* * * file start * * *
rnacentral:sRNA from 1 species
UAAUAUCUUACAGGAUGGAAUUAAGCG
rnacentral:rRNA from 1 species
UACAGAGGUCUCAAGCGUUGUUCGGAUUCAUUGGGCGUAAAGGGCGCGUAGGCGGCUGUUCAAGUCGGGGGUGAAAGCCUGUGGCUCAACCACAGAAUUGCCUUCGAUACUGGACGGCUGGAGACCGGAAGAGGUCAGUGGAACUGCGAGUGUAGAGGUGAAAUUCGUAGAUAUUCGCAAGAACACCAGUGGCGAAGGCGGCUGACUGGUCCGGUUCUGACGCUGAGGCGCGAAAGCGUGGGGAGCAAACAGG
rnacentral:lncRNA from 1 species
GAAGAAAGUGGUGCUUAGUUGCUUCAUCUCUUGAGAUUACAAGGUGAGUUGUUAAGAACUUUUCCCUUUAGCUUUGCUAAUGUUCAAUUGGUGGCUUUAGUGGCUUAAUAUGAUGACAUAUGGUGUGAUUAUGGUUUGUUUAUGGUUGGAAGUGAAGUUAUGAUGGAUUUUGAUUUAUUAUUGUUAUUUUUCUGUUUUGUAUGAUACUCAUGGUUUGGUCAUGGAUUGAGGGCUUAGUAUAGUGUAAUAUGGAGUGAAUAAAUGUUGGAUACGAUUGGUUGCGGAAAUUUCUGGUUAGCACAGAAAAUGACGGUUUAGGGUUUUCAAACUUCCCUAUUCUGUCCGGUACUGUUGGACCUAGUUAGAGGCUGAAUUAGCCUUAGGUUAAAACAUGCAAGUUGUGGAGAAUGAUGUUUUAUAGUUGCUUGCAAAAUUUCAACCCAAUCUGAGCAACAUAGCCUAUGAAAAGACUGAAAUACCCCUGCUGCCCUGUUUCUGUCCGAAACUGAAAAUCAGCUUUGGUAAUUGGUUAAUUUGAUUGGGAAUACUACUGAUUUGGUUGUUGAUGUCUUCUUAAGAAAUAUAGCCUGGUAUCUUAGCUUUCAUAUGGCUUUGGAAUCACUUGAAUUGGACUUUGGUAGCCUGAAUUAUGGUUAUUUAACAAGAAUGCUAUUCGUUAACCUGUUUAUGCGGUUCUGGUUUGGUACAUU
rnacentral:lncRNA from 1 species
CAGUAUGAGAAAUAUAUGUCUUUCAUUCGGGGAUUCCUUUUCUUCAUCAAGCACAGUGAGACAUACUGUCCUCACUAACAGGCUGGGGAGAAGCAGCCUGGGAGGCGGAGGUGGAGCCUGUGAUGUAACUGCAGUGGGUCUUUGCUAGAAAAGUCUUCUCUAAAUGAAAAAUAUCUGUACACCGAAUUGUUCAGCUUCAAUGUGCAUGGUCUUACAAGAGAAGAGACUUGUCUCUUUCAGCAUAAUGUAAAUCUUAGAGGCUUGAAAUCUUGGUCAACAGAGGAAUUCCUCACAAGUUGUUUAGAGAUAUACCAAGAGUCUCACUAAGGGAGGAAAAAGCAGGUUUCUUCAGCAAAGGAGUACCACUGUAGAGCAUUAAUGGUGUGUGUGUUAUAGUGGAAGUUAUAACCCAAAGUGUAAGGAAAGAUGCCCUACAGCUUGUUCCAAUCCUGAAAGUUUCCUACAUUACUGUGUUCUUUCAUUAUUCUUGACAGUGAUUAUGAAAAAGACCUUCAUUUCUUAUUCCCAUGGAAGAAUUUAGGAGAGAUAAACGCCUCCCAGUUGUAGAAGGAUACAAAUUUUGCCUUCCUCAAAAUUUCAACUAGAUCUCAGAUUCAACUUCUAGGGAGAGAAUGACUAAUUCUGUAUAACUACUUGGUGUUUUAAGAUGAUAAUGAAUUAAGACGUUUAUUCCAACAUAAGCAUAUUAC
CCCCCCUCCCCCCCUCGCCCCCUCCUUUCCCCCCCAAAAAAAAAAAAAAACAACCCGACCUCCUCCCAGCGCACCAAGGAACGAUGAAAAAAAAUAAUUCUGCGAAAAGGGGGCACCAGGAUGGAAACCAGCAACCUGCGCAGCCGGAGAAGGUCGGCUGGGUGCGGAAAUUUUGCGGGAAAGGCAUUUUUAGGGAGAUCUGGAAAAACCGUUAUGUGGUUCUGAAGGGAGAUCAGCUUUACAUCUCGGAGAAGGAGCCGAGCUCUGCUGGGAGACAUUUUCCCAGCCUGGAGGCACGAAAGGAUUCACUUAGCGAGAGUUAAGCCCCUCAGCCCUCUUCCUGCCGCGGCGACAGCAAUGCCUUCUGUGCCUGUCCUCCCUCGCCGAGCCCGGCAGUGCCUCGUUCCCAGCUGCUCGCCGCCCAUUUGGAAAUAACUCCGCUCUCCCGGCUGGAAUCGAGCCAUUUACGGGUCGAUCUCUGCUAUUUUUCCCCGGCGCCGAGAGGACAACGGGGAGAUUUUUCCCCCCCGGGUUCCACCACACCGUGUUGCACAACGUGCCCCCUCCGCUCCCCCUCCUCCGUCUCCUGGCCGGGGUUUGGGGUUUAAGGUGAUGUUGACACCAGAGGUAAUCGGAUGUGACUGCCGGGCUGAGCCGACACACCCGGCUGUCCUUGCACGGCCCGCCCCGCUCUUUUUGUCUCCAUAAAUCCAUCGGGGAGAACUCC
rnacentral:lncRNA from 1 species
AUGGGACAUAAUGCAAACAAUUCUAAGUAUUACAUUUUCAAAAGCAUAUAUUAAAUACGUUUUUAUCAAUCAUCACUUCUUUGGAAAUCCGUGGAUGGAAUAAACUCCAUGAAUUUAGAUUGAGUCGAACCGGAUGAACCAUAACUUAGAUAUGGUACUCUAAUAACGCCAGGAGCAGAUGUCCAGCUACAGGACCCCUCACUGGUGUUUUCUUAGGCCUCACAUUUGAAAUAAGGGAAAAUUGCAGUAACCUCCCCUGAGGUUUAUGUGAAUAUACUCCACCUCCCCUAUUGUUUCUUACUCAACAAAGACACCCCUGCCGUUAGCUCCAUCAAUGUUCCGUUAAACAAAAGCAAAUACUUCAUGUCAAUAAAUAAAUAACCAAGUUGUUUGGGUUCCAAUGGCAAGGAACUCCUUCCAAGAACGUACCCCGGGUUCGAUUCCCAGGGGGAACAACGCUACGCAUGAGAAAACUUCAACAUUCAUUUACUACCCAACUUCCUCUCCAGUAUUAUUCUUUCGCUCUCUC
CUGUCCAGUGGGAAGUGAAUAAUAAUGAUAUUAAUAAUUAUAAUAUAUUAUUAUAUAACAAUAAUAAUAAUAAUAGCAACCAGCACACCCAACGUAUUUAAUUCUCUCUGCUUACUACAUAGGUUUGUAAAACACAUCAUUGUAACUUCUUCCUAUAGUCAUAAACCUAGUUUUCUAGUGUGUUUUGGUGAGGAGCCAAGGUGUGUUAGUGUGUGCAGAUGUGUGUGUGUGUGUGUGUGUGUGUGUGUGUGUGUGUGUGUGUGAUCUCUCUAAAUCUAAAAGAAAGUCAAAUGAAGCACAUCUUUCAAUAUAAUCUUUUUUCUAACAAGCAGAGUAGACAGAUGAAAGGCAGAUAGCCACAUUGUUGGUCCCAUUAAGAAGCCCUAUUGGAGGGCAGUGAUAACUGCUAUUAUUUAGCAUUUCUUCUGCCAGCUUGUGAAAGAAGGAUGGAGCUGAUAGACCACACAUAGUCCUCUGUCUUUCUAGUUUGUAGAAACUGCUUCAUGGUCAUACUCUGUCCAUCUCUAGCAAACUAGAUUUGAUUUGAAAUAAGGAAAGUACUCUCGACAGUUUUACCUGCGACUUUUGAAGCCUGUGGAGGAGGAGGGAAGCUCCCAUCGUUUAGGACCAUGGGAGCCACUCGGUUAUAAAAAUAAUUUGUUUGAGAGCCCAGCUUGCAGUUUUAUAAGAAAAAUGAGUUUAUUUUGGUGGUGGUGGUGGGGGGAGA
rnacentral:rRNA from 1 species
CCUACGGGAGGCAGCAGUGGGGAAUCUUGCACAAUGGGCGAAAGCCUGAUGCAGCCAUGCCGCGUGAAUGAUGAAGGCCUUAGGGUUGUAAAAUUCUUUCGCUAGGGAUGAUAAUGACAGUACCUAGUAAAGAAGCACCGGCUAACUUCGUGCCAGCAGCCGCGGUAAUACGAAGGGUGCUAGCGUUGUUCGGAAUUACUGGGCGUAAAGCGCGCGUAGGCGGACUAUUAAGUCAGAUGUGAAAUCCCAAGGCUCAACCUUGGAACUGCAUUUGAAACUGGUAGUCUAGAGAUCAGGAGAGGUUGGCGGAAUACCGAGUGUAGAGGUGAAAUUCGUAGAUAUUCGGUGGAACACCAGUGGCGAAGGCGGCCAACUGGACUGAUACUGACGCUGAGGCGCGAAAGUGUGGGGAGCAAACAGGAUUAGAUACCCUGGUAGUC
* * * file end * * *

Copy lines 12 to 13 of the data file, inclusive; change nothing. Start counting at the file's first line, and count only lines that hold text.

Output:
CUGUCCAGUGGGAAGUGAAUAAUAAUGAUAUUAAUAAUUAUAAUAUAUUAUUAUAUAACAAUAAUAAUAAUAAUAGCAACCAGCACACCCAACGUAUUUAAUUCUCUCUGCUUACUACAUAGGUUUGUAAAACACAUCAUUGUAACUUCUUCCUAUAGUCAUAAACCUAGUUUUCUAGUGUGUUUUGGUGAGGAGCCAAGGUGUGUUAGUGUGUGCAGAUGUGUGUGUGUGUGUGUGUGUGUGUGUGUGUGUGUGUGUGUGUGAUCUCUCUAAAUCUAAAAGAAAGUCAAAUGAAGCACAUCUUUCAAUAUAAUCUUUUUUCUAACAAGCAGAGUAGACAGAUGAAAGGCAGAUAGCCACAUUGUUGGUCCCAUUAAGAAGCCCUAUUGGAGGGCAGUGAUAACUGCUAUUAUUUAGCAUUUCUUCUGCCAGCUUGUGAAAGAAGGAUGGAGCUGAUAGACCACACAUAGUCCUCUGUCUUUCUAGUUUGUAGAAACUGCUUCAUGGUCAUACUCUGUCCAUCUCUAGCAAACUAGAUUUGAUUUGAAAUAAGGAAAGUACUCUCGACAGUUUUACCUGCGACUUUUGAAGCCUGUGGAGGAGGAGGGAAGCUCCCAUCGUUUAGGACCAUGGGAGCCACUCGGUUAUAAAAAUAAUUUGUUUGAGAGCCCAGCUUGCAGUUUUAUAAGAAAAAUGAGUUUAUUUUGGUGGUGGUGGUGGGGGGAGA
rnacentral:rRNA from 1 species